‘I Love You’ Can Become ‘I Hate You’

Insights

Kul Bhushan comments on our Valentine Day Declaration and offers a new word: ishq!

The Valentine’s Day declaration ‘I love you’ can possibly become ‘I hate you’ in future. Why? Because ‘love’ has a direct opposite ‘hate’ and so, in some cases, it transforms into just that. The word ‘love’ implies that you like or adore a person for a beautiful mind or body. It is of this world.

Since a person has a body, mind and soul, an all-encompassing word is needed to cover these three dimensions. This is the Persian word ‘ishq’. This is love divine without any conditions. This word used by the Sufis, ‘ishq’ means love with total intensity. One is lost in it, one is possessed by it. One goes mad in it. It also includes man’s love for God. So it is pure love with no lust.

Yet it has a passion and an obsession because it is so intense. The word is derived from the root ‘a-sha-qa’ an ivy plant. This climber winds itself around other plants. Thus, the lover or ‘the Ashiq’ feels an overpowering intensity of his passion to entwine with the beloved or Mashouka, blinded by her shortcomings.

This is immortalised by the romantic fable of Laila-Majnu. The lover, Majnu, was oblivious to the fact that his beloved Laila was dark skinned. He continued to yearn for her – even putting her higher than God. Majnu faced many hardships but never wavered in his ‘ishq’ for Laila. This classical story has many versions. A popular version in India goes like this:

A beautiful girl of a rich family, Laila fell in love with a poor poet, Majnu. He composed many poems dedicated to her. His friends made fun of him and called him mad to love such an unattainable lady. One day, he went to her father seeking her hand in marriage. He was promptly turned down and the two lovers were forbidden to see each other.

A devastated Majnu wandered away in the desert pining for his Laila. Meanwhile, Laila was married off to a rich groom and moved away. But she continued to yearn for her true love and died after an illness. When Majnu’s friends came to know about her death, they searched for him far and wide in the desert. They found him dead near a rock, and saw that he had carved three versus of his eternal love for Laila as his last tribute. Did Majnu search for divine love in Laila? Did ishq create such passion in Majnu that he sailed on its wave to reach to the ultimate? The Sufi poetry hints as much.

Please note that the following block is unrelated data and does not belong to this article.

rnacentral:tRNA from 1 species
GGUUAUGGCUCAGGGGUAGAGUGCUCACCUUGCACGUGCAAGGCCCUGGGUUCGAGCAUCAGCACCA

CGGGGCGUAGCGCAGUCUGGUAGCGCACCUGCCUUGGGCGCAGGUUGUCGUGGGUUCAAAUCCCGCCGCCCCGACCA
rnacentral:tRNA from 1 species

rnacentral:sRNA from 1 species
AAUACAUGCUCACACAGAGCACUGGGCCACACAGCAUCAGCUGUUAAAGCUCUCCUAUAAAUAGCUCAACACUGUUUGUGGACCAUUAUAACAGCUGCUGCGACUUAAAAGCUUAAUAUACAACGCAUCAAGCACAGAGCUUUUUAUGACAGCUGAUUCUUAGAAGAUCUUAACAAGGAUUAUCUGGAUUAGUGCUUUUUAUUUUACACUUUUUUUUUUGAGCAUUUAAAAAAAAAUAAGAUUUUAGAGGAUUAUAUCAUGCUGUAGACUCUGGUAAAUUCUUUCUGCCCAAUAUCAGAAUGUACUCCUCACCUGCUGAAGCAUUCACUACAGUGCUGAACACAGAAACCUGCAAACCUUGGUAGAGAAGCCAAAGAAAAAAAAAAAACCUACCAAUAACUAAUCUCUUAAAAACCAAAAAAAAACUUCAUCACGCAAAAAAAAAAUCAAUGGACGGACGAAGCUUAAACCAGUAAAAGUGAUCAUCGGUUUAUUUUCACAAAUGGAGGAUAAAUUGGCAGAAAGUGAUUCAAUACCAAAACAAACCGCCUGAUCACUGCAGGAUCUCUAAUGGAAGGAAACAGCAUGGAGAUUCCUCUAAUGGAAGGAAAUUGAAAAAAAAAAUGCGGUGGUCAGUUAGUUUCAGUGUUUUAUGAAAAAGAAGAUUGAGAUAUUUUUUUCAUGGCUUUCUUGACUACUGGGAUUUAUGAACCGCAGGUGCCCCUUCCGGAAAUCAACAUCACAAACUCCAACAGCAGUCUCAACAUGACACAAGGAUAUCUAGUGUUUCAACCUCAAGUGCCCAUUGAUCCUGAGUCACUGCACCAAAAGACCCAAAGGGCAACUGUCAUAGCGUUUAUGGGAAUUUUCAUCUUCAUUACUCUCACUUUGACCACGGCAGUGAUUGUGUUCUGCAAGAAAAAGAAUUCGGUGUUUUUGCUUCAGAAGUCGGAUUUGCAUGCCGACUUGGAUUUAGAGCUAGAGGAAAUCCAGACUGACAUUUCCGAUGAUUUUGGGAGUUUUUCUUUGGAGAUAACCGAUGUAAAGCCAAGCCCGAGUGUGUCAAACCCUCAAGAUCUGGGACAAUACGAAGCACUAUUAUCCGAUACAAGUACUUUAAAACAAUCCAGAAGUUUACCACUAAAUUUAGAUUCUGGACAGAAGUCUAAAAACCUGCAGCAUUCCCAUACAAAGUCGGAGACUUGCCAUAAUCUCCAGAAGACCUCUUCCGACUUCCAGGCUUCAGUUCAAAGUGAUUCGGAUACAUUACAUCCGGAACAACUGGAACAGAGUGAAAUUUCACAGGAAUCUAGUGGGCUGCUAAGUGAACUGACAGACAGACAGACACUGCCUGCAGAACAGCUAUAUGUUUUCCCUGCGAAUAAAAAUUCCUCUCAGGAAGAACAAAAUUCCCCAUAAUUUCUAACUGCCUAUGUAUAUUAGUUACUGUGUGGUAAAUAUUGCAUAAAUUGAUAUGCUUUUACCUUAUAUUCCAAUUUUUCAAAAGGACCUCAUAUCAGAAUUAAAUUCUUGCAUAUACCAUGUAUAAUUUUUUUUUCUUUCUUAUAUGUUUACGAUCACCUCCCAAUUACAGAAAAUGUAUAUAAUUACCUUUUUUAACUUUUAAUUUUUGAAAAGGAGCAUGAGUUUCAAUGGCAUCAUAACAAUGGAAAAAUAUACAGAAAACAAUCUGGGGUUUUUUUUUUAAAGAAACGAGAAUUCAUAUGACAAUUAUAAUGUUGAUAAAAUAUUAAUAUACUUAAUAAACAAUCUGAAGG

Mention the word ‘ishq’ and you open the magic door to the Sufi mystics, their poetry, their music and their dance. Some of the most evocative poems that touch the hidden depths of the heart (indeed, the soul) have been composed for ‘ishq’.

Perhaps the word ‘love’ does not express the full emotions on Valentine’s Day. How about trying ‘ishq’?

Osho on Unconditional Love

When you love, when you really love, there are no conditions. It is unconditional. You love for the sheer joy of it. And love is absolute – it knows no wavering, it knows no hesitation.

Sufism is a great experiment in human consciousness: how to transform human consciousness into ishq. It is alchemy.

And this is what I am doing here with you. You may be aware, you may not be aware of it, but this whole experiment is to create in you as much love energy as possible. Man can be transformed into pure love energy. Just as there is atomic energy discovered by physics, and a small atom can explode into tremendous power, each cell of your heart can explode into tremendous love. That love is called ishq. Sufism is the path of love.

Osho, The Secret, Ch 1

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